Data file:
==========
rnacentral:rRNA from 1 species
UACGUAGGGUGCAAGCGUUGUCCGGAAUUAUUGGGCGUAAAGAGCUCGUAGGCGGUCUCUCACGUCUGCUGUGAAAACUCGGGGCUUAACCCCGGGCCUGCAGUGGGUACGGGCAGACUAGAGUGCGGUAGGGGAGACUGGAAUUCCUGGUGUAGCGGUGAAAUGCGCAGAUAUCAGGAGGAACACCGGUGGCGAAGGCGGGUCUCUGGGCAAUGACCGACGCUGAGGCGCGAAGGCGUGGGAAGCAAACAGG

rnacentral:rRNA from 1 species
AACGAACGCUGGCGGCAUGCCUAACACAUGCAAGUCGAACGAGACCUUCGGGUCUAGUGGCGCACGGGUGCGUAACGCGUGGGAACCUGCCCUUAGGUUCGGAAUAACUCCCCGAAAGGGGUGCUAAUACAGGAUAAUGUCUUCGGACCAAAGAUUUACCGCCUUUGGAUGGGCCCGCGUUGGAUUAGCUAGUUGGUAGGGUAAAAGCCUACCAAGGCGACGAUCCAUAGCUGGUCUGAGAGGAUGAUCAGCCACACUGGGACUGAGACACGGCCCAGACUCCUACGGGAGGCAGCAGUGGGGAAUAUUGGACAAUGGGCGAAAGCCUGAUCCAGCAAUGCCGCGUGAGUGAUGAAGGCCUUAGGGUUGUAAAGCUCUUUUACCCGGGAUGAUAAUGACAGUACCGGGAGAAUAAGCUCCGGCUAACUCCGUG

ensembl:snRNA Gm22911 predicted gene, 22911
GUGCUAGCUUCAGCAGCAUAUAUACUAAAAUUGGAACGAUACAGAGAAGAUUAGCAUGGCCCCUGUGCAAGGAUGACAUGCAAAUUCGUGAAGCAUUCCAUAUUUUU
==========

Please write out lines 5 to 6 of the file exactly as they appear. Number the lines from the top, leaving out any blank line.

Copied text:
ensembl:snRNA Gm22911 predicted gene, 22911
GUGCUAGCUUCAGCAGCAUAUAUACUAAAAUUGGAACGAUACAGAGAAGAUUAGCAUGGCCCCUGUGCAAGGAUGACAUGCAAAUUCGUGAAGCAUUCCAUAUUUUU